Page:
The Outdated American Education System: How our high schools have become obsolete

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I often find myself wondering, what am I really learning in high school? I have a high GPA, get straight A’s, but at the end of the day, what have I really taken away? Many classes require memorization, but this information tends to be useful for me only until we are tested on it. High school is supposed to prepare you for adulthood, whether that means college, getting a job, traveling, whatever the next step may be. I do not feel like I am being prepared for that.

At the heart of the matter, the high school system is outdated. This mass education approach was created 60 years ago with the intention of sending the majority of students into the physical labor workforce, and only a fraction on to college (Gates). In 1893, the National Education Association passed a report to standardize high school teaching, and the system we still use today was born. With the 20th century came consumerism, specialized and complex labor, international competition, industries, and the need for manual labor was left in the 1800s (Brady). Although America was rapidly changing, the education system remained unaltered.

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Today, we prevail with a near identical high school structure, and the problems are catching up to us. In 2005, “Only one-third of our students graduate from high school ready for college, work and citizenship. The others, most of whom are low-income and minority students, are tracked into courses that won’t ever get them ready for any of those things — no matter how well the students learn or how hard the teachers work.” (Gates). This can create a cycle of poverty, it pushes minorities further in a rut, and snuffs out potential both individually and economically. Post-secondary education is almost essential to obtain a family supporting job, yet as of 2014 only 65.9% of high school graduates attended college (Norris). This means, in theory, that 34.1% of the class of 2014 won’t make enough money to support their family.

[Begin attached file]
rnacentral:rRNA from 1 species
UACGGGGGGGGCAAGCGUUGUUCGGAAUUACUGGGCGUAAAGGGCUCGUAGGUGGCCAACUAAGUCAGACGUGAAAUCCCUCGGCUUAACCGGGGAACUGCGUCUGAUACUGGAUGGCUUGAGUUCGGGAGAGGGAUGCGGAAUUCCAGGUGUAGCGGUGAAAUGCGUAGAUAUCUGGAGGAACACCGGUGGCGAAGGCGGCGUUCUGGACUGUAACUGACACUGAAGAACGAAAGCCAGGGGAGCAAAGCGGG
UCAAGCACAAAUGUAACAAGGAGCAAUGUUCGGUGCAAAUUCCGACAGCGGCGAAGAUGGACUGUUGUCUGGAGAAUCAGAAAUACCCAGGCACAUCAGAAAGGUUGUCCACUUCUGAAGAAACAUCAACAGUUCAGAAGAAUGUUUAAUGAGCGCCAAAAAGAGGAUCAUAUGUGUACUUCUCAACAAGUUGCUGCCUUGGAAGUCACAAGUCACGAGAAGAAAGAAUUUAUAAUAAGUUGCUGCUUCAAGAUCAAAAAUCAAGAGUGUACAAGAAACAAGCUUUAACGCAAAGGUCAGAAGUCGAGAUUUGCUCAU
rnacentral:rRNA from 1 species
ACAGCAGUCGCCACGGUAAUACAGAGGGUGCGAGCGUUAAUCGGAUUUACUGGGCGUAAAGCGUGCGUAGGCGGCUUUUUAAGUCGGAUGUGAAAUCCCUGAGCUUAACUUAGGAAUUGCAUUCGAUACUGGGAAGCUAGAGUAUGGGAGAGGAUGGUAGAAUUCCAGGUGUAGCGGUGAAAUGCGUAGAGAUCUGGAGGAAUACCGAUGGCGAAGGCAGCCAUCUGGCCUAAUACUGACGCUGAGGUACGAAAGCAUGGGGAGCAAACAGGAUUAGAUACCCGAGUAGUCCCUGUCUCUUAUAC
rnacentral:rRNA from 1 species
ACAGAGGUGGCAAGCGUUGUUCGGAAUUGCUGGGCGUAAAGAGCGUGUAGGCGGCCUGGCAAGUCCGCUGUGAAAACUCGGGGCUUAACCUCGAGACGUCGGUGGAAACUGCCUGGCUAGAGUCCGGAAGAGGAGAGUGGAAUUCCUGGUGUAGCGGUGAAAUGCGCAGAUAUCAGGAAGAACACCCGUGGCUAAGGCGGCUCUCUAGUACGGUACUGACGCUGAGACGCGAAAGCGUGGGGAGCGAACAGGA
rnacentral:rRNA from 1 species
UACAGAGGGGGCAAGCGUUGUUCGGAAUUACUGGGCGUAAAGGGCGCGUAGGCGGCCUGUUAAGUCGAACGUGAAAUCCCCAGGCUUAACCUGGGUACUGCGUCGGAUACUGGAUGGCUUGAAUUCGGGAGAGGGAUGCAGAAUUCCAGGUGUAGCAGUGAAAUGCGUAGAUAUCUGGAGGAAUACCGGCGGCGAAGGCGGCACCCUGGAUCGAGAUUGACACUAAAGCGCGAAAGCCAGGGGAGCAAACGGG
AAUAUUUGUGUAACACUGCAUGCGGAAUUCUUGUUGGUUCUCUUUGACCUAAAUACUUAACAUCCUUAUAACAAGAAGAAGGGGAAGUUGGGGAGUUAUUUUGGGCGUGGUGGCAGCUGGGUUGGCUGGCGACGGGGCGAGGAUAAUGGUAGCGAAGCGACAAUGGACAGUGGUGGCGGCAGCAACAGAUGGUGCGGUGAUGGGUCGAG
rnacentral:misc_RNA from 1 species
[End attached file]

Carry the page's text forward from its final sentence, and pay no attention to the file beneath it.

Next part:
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The fact that high school students aren’t ready to take on the real world comes from a myriad of smaller issues as well. “Boredom, passive resistance, truancy, classroom disorder, dropouts, teacher turnover, an explosion of home schooling… …are obvious indicators of institutional failure, of old problem-solving procedures failing to adequately address new realities” (Brady). The bureaucratic solution to this is rigor: tougher AP and IB classes, longer school days and years, shorter breaks for lunch and recess. But this “solution” only feeds the passive behavior and boredom. It feeds the divide of standard level classes and advanced classes, which in turn feeds the disadvantage of minorities. It feeds memorization, the stress for grades and test scores and a lack of focus on understanding.

Works Cited

Brady, Marion. “What’s Worth Learning: How Outdated Curricula Are Failing America’s Students.” Alternet. N.p., 10 Jan. 2013. Web. 18 Jan. 2017. <http://www.alternet.org/education/whats-worth-learning-how-outdated-curricula-are-failing-americas-students>.

Gates, Bill. “What’s Wrong With American High Schools.” Los Angeles Times. Los Angeles Times, 01 Mar. 2005. Web. 18 Jan. 2017. <http://articles.latimes.com/2005/mar/01/opinion/oe-gates1>.

Gearon, Christopher J. “High School Students Need to Think, Not Memorize.” U.S. News. U.S. News, 17 Sept. 2012. Web. 18 Jan. 2017. <http://www.usnews.com/education/high-schools/articles/2012/09/17/high-school-students-need-to-think-not-memorize>.

Norris, Floyd. “Fewer U.S. Graduates Opt for College After High School.” New York Times. New York Times, 25 Apr. 2014. Web. 18 Jan. 2017. <https://www.nytimes.com/2014/04/26/business/fewer-us-high-school-graduates-opt-for-college.html?_r=0>.